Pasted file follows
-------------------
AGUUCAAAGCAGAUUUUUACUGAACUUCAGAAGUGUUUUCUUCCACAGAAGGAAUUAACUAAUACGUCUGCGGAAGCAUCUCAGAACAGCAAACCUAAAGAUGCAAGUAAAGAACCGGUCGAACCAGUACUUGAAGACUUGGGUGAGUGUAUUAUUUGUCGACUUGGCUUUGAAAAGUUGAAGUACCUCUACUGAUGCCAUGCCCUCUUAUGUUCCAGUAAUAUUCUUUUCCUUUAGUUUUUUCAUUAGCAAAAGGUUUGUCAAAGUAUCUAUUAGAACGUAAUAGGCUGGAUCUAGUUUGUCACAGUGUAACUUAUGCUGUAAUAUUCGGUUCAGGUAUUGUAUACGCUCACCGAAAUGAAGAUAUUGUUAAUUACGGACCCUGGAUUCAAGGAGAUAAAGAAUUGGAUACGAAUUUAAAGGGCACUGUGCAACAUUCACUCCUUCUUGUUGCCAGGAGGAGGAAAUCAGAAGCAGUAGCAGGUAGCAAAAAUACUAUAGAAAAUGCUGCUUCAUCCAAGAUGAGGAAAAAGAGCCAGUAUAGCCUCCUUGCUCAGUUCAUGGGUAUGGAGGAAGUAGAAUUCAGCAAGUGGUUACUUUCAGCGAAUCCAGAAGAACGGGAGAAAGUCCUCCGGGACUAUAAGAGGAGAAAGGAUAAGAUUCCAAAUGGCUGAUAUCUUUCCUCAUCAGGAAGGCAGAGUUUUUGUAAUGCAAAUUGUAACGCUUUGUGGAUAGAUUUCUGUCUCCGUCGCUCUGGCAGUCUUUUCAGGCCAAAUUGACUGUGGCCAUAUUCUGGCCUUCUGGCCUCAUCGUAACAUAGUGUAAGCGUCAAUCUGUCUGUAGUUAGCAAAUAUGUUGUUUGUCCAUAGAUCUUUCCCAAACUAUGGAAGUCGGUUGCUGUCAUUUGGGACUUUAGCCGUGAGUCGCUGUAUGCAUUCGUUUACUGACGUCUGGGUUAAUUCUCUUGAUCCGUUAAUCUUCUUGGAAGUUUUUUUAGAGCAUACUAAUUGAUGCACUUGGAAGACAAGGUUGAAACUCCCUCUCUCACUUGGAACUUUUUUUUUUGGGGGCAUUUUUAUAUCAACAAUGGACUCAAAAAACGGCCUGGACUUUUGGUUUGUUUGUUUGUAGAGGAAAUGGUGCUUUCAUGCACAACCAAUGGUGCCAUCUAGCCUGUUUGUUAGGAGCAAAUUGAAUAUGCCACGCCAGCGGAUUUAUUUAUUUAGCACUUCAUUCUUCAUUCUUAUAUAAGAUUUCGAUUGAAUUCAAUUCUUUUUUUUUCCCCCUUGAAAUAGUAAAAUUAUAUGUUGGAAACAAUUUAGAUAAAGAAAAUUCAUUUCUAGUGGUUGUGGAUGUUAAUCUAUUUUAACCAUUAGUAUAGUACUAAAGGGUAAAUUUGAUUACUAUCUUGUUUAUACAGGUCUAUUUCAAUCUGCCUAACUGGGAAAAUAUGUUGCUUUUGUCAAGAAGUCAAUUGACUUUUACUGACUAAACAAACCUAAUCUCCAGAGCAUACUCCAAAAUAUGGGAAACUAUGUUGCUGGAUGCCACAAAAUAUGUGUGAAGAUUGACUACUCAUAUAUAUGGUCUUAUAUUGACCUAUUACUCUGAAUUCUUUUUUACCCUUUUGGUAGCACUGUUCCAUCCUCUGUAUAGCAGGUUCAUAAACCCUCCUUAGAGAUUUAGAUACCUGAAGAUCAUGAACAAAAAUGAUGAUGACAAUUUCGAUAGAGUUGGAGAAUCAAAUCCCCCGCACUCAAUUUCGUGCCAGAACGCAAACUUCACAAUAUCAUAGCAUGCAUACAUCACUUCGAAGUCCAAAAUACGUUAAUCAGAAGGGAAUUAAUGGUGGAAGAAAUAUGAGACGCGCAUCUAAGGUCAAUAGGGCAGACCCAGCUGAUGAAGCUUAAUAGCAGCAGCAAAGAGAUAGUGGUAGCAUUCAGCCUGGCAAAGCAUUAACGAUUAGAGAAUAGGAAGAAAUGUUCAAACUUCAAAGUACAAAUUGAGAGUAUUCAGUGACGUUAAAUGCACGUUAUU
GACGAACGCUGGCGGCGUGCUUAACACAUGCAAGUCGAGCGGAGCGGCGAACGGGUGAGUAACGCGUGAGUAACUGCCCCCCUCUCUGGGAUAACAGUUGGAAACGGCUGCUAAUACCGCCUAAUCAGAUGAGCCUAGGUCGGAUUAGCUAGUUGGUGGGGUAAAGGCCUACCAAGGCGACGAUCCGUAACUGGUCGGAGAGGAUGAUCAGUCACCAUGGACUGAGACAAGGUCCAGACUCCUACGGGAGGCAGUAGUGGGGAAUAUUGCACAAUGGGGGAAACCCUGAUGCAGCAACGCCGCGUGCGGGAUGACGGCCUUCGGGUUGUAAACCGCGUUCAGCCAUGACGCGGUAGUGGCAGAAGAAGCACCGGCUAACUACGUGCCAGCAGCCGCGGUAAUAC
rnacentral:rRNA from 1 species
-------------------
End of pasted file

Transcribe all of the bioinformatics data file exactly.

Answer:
AGUUCAAAGCAGAUUUUUACUGAACUUCAGAAGUGUUUUCUUCCACAGAAGGAAUUAACUAAUACGUCUGCGGAAGCAUCUCAGAACAGCAAACCUAAAGAUGCAAGUAAAGAACCGGUCGAACCAGUACUUGAAGACUUGGGUGAGUGUAUUAUUUGUCGACUUGGCUUUGAAAAGUUGAAGUACCUCUACUGAUGCCAUGCCCUCUUAUGUUCCAGUAAUAUUCUUUUCCUUUAGUUUUUUCAUUAGCAAAAGGUUUGUCAAAGUAUCUAUUAGAACGUAAUAGGCUGGAUCUAGUUUGUCACAGUGUAACUUAUGCUGUAAUAUUCGGUUCAGGUAUUGUAUACGCUCACCGAAAUGAAGAUAUUGUUAAUUACGGACCCUGGAUUCAAGGAGAUAAAGAAUUGGAUACGAAUUUAAAGGGCACUGUGCAACAUUCACUCCUUCUUGUUGCCAGGAGGAGGAAAUCAGAAGCAGUAGCAGGUAGCAAAAAUACUAUAGAAAAUGCUGCUUCAUCCAAGAUGAGGAAAAAGAGCCAGUAUAGCCUCCUUGCUCAGUUCAUGGGUAUGGAGGAAGUAGAAUUCAGCAAGUGGUUACUUUCAGCGAAUCCAGAAGAACGGGAGAAAGUCCUCCGGGACUAUAAGAGGAGAAAGGAUAAGAUUCCAAAUGGCUGAUAUCUUUCCUCAUCAGGAAGGCAGAGUUUUUGUAAUGCAAAUUGUAACGCUUUGUGGAUAGAUUUCUGUCUCCGUCGCUCUGGCAGUCUUUUCAGGCCAAAUUGACUGUGGCCAUAUUCUGGCCUUCUGGCCUCAUCGUAACAUAGUGUAAGCGUCAAUCUGUCUGUAGUUAGCAAAUAUGUUGUUUGUCCAUAGAUCUUUCCCAAACUAUGGAAGUCGGUUGCUGUCAUUUGGGACUUUAGCCGUGAGUCGCUGUAUGCAUUCGUUUACUGACGUCUGGGUUAAUUCUCUUGAUCCGUUAAUCUUCUUGGAAGUUUUUUUAGAGCAUACUAAUUGAUGCACUUGGAAGACAAGGUUGAAACUCCCUCUCUCACUUGGAACUUUUUUUUUUGGGGGCAUUUUUAUAUCAACAAUGGACUCAAAAAACGGCCUGGACUUUUGGUUUGUUUGUUUGUAGAGGAAAUGGUGCUUUCAUGCACAACCAAUGGUGCCAUCUAGCCUGUUUGUUAGGAGCAAAUUGAAUAUGCCACGCCAGCGGAUUUAUUUAUUUAGCACUUCAUUCUUCAUUCUUAUAUAAGAUUUCGAUUGAAUUCAAUUCUUUUUUUUUCCCCCUUGAAAUAGUAAAAUUAUAUGUUGGAAACAAUUUAGAUAAAGAAAAUUCAUUUCUAGUGGUUGUGGAUGUUAAUCUAUUUUAACCAUUAGUAUAGUACUAAAGGGUAAAUUUGAUUACUAUCUUGUUUAUACAGGUCUAUUUCAAUCUGCCUAACUGGGAAAAUAUGUUGCUUUUGUCAAGAAGUCAAUUGACUUUUACUGACUAAACAAACCUAAUCUCCAGAGCAUACUCCAAAAUAUGGGAAACUAUGUUGCUGGAUGCCACAAAAUAUGUGUGAAGAUUGACUACUCAUAUAUAUGGUCUUAUAUUGACCUAUUACUCUGAAUUCUUUUUUACCCUUUUGGUAGCACUGUUCCAUCCUCUGUAUAGCAGGUUCAUAAACCCUCCUUAGAGAUUUAGAUACCUGAAGAUCAUGAACAAAAAUGAUGAUGACAAUUUCGAUAGAGUUGGAGAAUCAAAUCCCCCGCACUCAAUUUCGUGCCAGAACGCAAACUUCACAAUAUCAUAGCAUGCAUACAUCACUUCGAAGUCCAAAAUACGUUAAUCAGAAGGGAAUUAAUGGUGGAAGAAAUAUGAGACGCGCAUCUAAGGUCAAUAGGGCAGACCCAGCUGAUGAAGCUUAAUAGCAGCAGCAAAGAGAUAGUGGUAGCAUUCAGCCUGGCAAAGCAUUAACGAUUAGAGAAUAGGAAGAAAUGUUCAAACUUCAAAGUACAAAUUGAGAGUAUUCAGUGACGUUAAAUGCACGUUAUU
GACGAACGCUGGCGGCGUGCUUAACACAUGCAAGUCGAGCGGAGCGGCGAACGGGUGAGUAACGCGUGAGUAACUGCCCCCCUCUCUGGGAUAACAGUUGGAAACGGCUGCUAAUACCGCCUAAUCAGAUGAGCCUAGGUCGGAUUAGCUAGUUGGUGGGGUAAAGGCCUACCAAGGCGACGAUCCGUAACUGGUCGGAGAGGAUGAUCAGUCACCAUGGACUGAGACAAGGUCCAGACUCCUACGGGAGGCAGUAGUGGGGAAUAUUGCACAAUGGGGGAAACCCUGAUGCAGCAACGCCGCGUGCGGGAUGACGGCCUUCGGGUUGUAAACCGCGUUCAGCCAUGACGCGGUAGUGGCAGAAGAAGCACCGGCUAACUACGUGCCAGCAGCCGCGGUAAUAC
rnacentral:rRNA from 1 species